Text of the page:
I reviewed this title for Booklist. Here are further thoughts.
Many of us think about writing memoirs these days, regardless of whether there has been any drama in our lives. It may be that the talent of the writer and the life of the mind are more important than events, but many of us do not have the goods to deliver to a wide audience. One who does is Brandon R. Schrand, who has found a very clever way to present his unlikely life in Works Cited: An Alphabetical Odyssey of Mayhem and Misbehavior.
Schrand is a reader, though he came to serious literary books rather late compared with many others now in literary professions. He wanted to be a rock musician and neglected most of his studies in public school. With very suspect grades, he enrolled in college to avoid working in the mines of Idaho and because college was a place to find women, booze, and drugs. That he would end up an English professor and writer is an unlikely end.
I did not spoil the ending of Works Cited just now, for Schrand himself lets you know the outcome early in the process. Nothing about his book is chronological. Instead, he has written 27 essays about books that have altered the course of his life, and as the title states, the essays are placed in alphabetical order by author. So readers jump back and forth in time learning about Schrand as he remembers reading Edward Abbey, Ralph Waldo Emerson, F. Scott Fitzgerald, Nick Hornby, Jim Morrison of the Doors, Hunter S. Thompson, and others. Each essay provides some of the pieces to the puzzle that is Schrand, and all pieces are necessary.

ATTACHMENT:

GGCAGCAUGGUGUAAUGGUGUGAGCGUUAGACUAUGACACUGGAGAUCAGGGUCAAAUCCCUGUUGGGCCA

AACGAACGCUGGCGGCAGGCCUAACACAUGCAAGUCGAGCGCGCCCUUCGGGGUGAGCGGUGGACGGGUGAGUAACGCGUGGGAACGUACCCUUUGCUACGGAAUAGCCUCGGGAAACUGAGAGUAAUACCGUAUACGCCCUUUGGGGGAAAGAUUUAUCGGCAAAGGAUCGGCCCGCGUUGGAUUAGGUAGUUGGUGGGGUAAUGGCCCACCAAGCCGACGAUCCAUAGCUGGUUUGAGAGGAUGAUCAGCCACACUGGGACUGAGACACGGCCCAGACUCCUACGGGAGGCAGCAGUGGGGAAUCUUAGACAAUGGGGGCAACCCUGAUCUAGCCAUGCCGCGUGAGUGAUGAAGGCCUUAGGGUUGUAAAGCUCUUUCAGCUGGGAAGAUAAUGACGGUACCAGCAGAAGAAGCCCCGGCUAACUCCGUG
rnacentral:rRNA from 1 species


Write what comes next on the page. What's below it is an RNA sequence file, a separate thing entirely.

It is amazing how much forgiveness Schrand has needed and received. Some readers may become exasperated, but others may see a bit of themselves or people they know. This is why we read as well as think about writing memoirs.
Schrand, Brandon. Works Cited: An Alphabetical Odyssey of Mayhem and Misbehavior. University of Nebraska Press, 2013. 240p. ISBN 9780803243378.